On Mon, Nov 30, 1998 at 10:41:22PM +0100, den Otter wrote:
> > Er, I'd take exception to that assertion. Do you have any figures to back
> > it up?
> "In 1996 more than 3 million child abuse reports were made [3.1 million].
> The actual incidence of abuse and neglect is estimated to be 3
> times greater the number reported to authorities."
Er, those figures come from "American Guardian -- America's Frontline Defense Against Perversion". To quote from their home page, "Lord, you have called us to be guardians of all children founded on your principles. Whatever our tasks as defenders of the "silent ones", we do them to serve You and our nation. We are proud to accept the responsibility of this high calling. We dedicated ourselves to our vocation, and ask for guidance and courage in aiding America's children to live free from perversion and with dignity, in safety and peace. Use us, O Lord, as shields for your little children, reflecting your security and peace. Amen."
They do not provide any substantiating evidence, references to studies, or discussion of their survey methods.
They assert out of the blue "The actual incidence of abuse and neglect is estimated to be 3 times greater the number reported to authorities." By their figures, there'd be 9 million cases of child abuse per year. Yet unless the demographics of the USA are _very_ different from those of every other developed country there are only about 30-40 million children in the USA! Going by the "American Guardian" figures, every child in America has probably been raped two or three times by the age of eighteen.
Somehow I don't think so.
Bear in mind that these people are religious fundamentalists. They are pro-life, anti-homosexuality. They conflate homosexuality with paedophilia: "Despite the attention given to homosexuals in the media and in the public forum, many citizens are not informed regarding the homosexual community and its goals. Many are uncertain about what they should do in response to homosexuality. The facts presented here are intended to help these citizens make up their minds. Several years ago when a group of parents formed the American Guardian to combat child porn on the internet they had no idea there was a direct connection between pedophiles and homosexuals. What they found was shocking, 82% of all child pornography discovered by the American Guardian were owned by homosexuals."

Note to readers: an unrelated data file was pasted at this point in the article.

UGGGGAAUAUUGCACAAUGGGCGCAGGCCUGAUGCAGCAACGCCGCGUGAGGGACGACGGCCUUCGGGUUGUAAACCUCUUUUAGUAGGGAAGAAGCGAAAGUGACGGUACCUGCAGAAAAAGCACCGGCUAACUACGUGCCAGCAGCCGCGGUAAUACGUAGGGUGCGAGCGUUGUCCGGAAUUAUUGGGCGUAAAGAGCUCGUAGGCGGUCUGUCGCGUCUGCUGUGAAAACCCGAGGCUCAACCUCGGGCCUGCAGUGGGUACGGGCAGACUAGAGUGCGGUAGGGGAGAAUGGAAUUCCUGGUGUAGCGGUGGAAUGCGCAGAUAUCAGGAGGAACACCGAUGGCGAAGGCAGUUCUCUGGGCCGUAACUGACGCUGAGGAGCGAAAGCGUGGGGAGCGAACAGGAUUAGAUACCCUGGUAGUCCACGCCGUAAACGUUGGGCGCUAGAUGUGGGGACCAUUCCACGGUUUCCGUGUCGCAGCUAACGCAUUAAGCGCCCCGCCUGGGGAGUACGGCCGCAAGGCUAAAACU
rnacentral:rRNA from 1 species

More juicy sermons -- er, quotes: "If I were the devil... if I were the prince of darkness - I'd want to engulf the whole world in darkness; ... I would caution against extremes in hard work, in patriotism, in moral conduct. I would convince the young that marriage is old-fashioned, that swinging is more fun, that what you see on TV is the way to be. And thus I could undress you in public, and I could lure you into bed with diseases for which there is no cure. In other words, if I were the devil, I'd just keep on doing what he's doing."
Do you detect a certain agenda at work here? Yup, it's our friends, the Christian fundamentalists, and the whole point of this website is to further their campaign against gay rights, women's rights, abortion, free speech, and the usual suspects.
> See also: http://www.gcca.org/stat/index.html
Superficially a more believable source: "The Georgia Council on Child Abuse is a private, citizen-based, nonprofit organization dedicated to the prevention of child abuse. Based in Atlanta, GCCA has 46 Local Chartered Councils throughout the state, in addition to four regional offices in Athens, Albany, Rome, and Savannah. GCCA leads, supports and coordinates citizens and professionals in an effort to end child abuse through volunteer, community-based prevention programs, in addition to advocacy, training and increased public awareness. Last year, GCCA's efforts reached over 300,000 children and families throughout the state. GCCA is the Georgia affiliate of the National Committee to Prevent Child Abuse and Parents Anonymous."
However, they draw a rather _wide_ definition of child abuse: for example,
"Emotional abuse exists when the parent creates a negative emotional
atmosphere for the child. Examples are when the parent makes continued
unfavorable comparisons to a sibling, when the parent makes the child
feel bad because he/she is not perfect, or when the parent uses shameful
forms of punishment."
I dunno about you, but being told to go stand in the corner because I'd
been bad wasn't an entirely alien experience to me as a child, and it
certainly didn't make me grow up bitter and twisted. But by the GCCA's
definition I'm a victim of child abuse.
I dunno about you, but being told to go stand in the corner because I'd been bad wasn't an entirely alien experience to me as a child, and it certainly didn't make me grow up bitter and twisted. But by the GCCA's definition I'm a victim of child abuse.